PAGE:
Thursday, May 31, 2018

Republican mayors advancing climate policies

Unfortunately climate change has become politicized in the US instead of a purely scientific issue. But this study shows how conservative mayors are moving toward climate-friendly policies, even if they don’t frame it as such. Instead, they may focus on issues like ecosystem conservation or human health.

Many Republican mayors are advancing climate-friendly policies without saying so - The Conversation US

Wednesday, May 30, 2018

Want to know percent of people accept climate change in your hometown?

Yale has produced a map of the US, down to the county level or congressional district, which shows the percentage of people who accept climate change as real. This information can embolden politicians to move forward on climate strategies.

Saturday, May 26, 2018

Practical suggestions to ban plastic from your life

We’ve all seen the tragic pictures of wildlife and sea creatures tangled in plastic. Certainly recycling your plastic helps but that’s gettting harder and harder to do now that China has closed its doors to a lot of our waste and the value of recycled materials tanks.

So how can you rid your everyday life of plastic? Here are some great suggestions.

Charge your car in 5 min

BP may be slowly returning to their Beyond Petroleum marketing. They’re investing in an Israeli company working on solid state batteries which could charge in 5 minutes. More and more oil and car companies are getting on board because of the exponential growth in electric vehicles and associated technologies.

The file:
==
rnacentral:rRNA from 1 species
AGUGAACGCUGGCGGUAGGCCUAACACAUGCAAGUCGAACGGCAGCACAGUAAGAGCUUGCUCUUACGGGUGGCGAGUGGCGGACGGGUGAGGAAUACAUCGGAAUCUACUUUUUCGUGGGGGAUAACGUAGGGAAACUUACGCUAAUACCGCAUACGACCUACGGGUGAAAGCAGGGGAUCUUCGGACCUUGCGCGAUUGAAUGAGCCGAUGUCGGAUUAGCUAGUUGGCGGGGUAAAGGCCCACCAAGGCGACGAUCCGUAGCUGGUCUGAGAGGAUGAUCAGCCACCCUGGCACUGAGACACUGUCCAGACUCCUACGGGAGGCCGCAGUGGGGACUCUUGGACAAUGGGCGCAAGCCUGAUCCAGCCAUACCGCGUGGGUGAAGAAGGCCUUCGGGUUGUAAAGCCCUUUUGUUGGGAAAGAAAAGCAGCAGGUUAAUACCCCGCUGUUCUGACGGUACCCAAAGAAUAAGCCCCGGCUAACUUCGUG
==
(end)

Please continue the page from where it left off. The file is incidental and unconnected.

Friday, May 25, 2018

The dirty underbelly of solar production and what you can do

Most people who put up solar panels are confident that they’re doing right by the environment. Certainly they’re producing clean power. But which solar panels you choose can affect the up- and downstream effects: toxic chemicals used in production and what happens at the end of life, if the solar panels can be recycled.

Learn more:

Thursday, May 24, 2018

12 indicators of a healthy community

There are many ways to assess community well-being. A Yale research group has found that 12 indicators are highly predictive (not necessarily the cause of) community health and well-being or the opposite.
A Yale-led team of researchers has identified 12 community factors independently related to well-being. The factors included some obvious ones, such as higher levels of education and income, as well as some surprises, including a higher percentage of black residents, a higher percentage of bicycle commuters, and better access to preventive care, such as mammograms. The results appear in the journal PLOS ONE.

Monday, May 21, 2018

More worker-owned cooperatives on the horizon

I’ve been a fan of worker owned coops since I first heard of the Mondragon Coops in Spain in the early 1980’s. They give employees power over their lives and spread the wealth more equitably. In economic downturns, they typically find more humane ways, avoiding layoffs. According to this article, it now seems that the number of coops may grow as Baby Boomers face retirement. Some are selling their companies to their employees.

Sunday, May 20, 2018

Enclosed electric bike goes off-road

Watch the video of what this little electric bike can do: snow, hills, dirt roads. To meet US standards for an electric bike (that can go in bike lanes), they plan to make a 3 wheeled version. Unfortunately it appears people in the US can't participate in the crowd-sourcing....yet.

Wednesday, May 16, 2018

Free service helps communities remove red tape for solar